indirect warping warping board
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Warping boards and warping mills do the exact same thing but in slightly different ways.

They are both tools that you can use to measure out all of your warp yarns to the exact length that you need for your weaving. 

You can learn how to use a warping board here.

The biggest difference between the two types of indirect warping tools is that the warping mill turns as you measure your warp. This makes it a smooth process that is fun to do (subjectively speaking of course.) Each side of your warping mill will also be a half yard which makes measuring out your warp yarn easy without having to use a guide yarn. 

Warping boards take up less space than warping mills, but they take up a lot more space than warping pegs. 

Think about how much space you have for warping vs. how much space you have for storing your weaving tools.

Using a warping board or mill is great for when your warp is very long. Since it wraps around and around the mill or the pegs on the board you can get a lot of warp into a small space. You do not need 15 feet of open space for 15 feet of warp!

indirect warping cross
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Indirect warping takes longer but can be broken up

Overall, indirect warping takes longer to do. You have to measure out your yarn and then put it on your loom.

Having your measuring and warping in two separate steps is not necessarily a bad thing!

If you can only dedicate small amounts of time to your weaving then this is a great way to do it. Measure your warp when you get the chance and then set it aside until you have time to move on!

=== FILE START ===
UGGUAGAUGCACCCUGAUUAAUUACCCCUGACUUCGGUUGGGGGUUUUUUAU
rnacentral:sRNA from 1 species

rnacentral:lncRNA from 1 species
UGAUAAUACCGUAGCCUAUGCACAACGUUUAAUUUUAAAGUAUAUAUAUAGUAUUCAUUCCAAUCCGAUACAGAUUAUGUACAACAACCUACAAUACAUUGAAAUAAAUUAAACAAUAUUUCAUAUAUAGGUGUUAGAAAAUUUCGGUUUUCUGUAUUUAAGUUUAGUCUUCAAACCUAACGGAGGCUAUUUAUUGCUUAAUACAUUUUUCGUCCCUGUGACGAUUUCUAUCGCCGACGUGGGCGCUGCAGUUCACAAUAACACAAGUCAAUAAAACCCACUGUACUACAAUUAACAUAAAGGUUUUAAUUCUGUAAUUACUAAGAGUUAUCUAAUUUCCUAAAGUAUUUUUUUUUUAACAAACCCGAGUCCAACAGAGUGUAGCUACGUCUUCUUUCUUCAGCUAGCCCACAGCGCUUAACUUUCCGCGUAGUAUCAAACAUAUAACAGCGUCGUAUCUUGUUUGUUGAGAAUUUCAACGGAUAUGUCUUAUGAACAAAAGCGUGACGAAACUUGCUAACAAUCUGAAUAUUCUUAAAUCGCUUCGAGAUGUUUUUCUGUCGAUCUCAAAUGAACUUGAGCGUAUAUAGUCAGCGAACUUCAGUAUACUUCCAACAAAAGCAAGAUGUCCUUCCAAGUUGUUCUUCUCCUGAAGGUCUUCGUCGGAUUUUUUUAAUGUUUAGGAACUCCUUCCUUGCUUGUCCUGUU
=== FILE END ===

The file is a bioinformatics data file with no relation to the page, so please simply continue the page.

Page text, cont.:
You can split up your entire warping process into different segments.

For example, if you are warping from the front of your loom (my preferred method) then you will need to hold onto your cross the entire time you are sleighing your reed. This requires you to find a time where you will not be interrupted because you can not drop the cross.

If you have a long warp, then you can split up your warp into smaller sections to make sure you can get up and move between sections. (I talk about this more in my how to use a warping board post.)

Once you are finished with sleighing your reed, each part of the warping process can be started and stopped at any time!

Which warping method should you use?

direct warping vs indirect warping
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The easiest answer will be if you are using a rigid heddle loom then you should direct warp. Your rigid heddle loom will probably even come with the peg and clamps to warp this way.

Floor looms and table looms are most often indirectly warped using either a warping board or a warping mill. They do not usually come with these tools but you should be able to purchase them in the same place.

If you do not have a lot of space to warp then you can use a warping board or mill with your rigid heddle loom. 

If you want to skip the measuring step and have the room then you can use a warping peg for your floor loom.

There is no wrong way to warp your loom if your warp gets on your loom! Figure out what is important to you, how much space you have, and your budget, and go from there!

Need help planning your weaving project? Stuck trying to figure out how much yarn you need? What the h&^$ is WPI? Check out my e-book!

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Warping tools: